U.S. natural gas spot prices are expected to rise in the second half of 2023 as E&Ps continue to face a volatile commodity market and operators pull back production, according to new Energy Information Administration (EIA) forecasts.
Henry Hub spot prices could increase to a monthly average of nearly $2.60/MMBtu in July, a 19% increase compared with average gas spot prices seen in June, the EIA reported in its latest Short-Term Energy Outlook published July 11.
The EIA expects Henry Hub gas spot prices to average more than $2.80/MMBtu in the second half of 2023, up from around $2.40/MMBtu during the first half of the year.
“U.S. dry natural gas production has been relatively flat in recent months, a production trend we expect to generally continue for the rest of this year,” the EIA said in its report. “With flat production and year-over-year growth in natural gas consumption, we expect U.S. natural gas inventories will reduce the surplus to the five-year average, which will put upward pressure on prices.”
Gas producers saw prices rise above $9/MMBtu in the summer of 2022 but have since faced an oversupply in the market, weakened demand and higher-than-expected levels of gas storage.
Henry Hub prices are expected to average $2.62/MMBtu during 2023—down almost 60% from an average of $6.42/MMBtu in 2022.
As E&Ps continue to weather a period of low prices, growth in gas production is expected to slow in basins across the Lower 48 this month, the EIA laid out in a June forecast.
Natural gas output from Appalachia—the top gas-producing region in the Lower 48—grew by around 72.5 million cubic feet per day (MMcf/d) month-over-month from May to June, but is expected to rise by only 25 MMcf/d from June to July, per EIA figures.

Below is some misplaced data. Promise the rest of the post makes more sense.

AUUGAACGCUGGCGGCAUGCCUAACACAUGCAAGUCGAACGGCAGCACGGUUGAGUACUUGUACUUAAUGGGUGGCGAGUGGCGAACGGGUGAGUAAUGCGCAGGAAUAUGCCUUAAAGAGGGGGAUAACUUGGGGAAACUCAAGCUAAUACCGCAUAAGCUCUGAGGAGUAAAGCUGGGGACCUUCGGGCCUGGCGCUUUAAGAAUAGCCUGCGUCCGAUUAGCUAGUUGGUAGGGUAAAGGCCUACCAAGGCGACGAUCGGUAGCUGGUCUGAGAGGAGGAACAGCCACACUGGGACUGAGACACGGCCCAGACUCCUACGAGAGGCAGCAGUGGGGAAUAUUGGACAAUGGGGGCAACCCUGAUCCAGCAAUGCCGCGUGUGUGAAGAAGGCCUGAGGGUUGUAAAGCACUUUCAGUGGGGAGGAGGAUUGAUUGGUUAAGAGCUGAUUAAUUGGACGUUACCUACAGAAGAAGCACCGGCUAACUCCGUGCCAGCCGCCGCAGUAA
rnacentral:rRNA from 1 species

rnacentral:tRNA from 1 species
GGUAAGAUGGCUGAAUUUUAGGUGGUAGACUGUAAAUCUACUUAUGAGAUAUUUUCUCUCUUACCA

The forecast has Haynesville Shale gas production growing by about 4 MMcf/d to a record 16.645 Bcf/d in July. But production in the gassy basin had grown by nearly 75 MMcf/d in the previous month.
Oil producers in the Permian Basin are also dealing with increasing volumes of associated gas from oil wells as the prolific play matures.
Oil prices rise gradually
The EIA anticipates crude oil prices rising gradually in the coming months and into 2024 as global crude inventories decline.
Brent crude prices will average $78/bbl in July, up from an average of $75/bbl over the past two months.
Rising crude demand and the effects of production cuts by Saudi Arabia and the OPEC+ cartel are expected to provide a lift to oil prices, the EIA said. Brent spot prices are forecast to rise to $81/bbl by the end of the year and average $84/bbl in 2024.
U.S. crude prices aren’t expected to see much of a lift—West Texas Intermediate spot prices will average around $74/bbl in the back half of 2023, roughly flat from the first half of the year.
WTI spot prices should rise to average around $78.51/bbl in 2024, per EIA figures.
2023-07-18 - Oil and gas production is slated to fall in regions across the nation in August, including the Permian Basin, according to new EIA figures.
2023-09-13 - The extension of OPEC+ and Saudi Arabia production cuts are predicted to make oil and gasoline more expensive.
2023-08-08 - Brent crude futures rose to $86.17 a barrel, while West Texas Intermediate crude rose to $82.92.
2023-09-01 - U.S. field production of crude oil rose 1.6% in June to 12.844 MMbbl/d, the highest since February 2020, before the coronavirus pandemic destroyed demand for fuel and other oil products, the Energy Information Administration said on Aug. 31.
2023-07-31 - Both Brent and WTI are on track to close July with their biggest monthly gains since January 2022.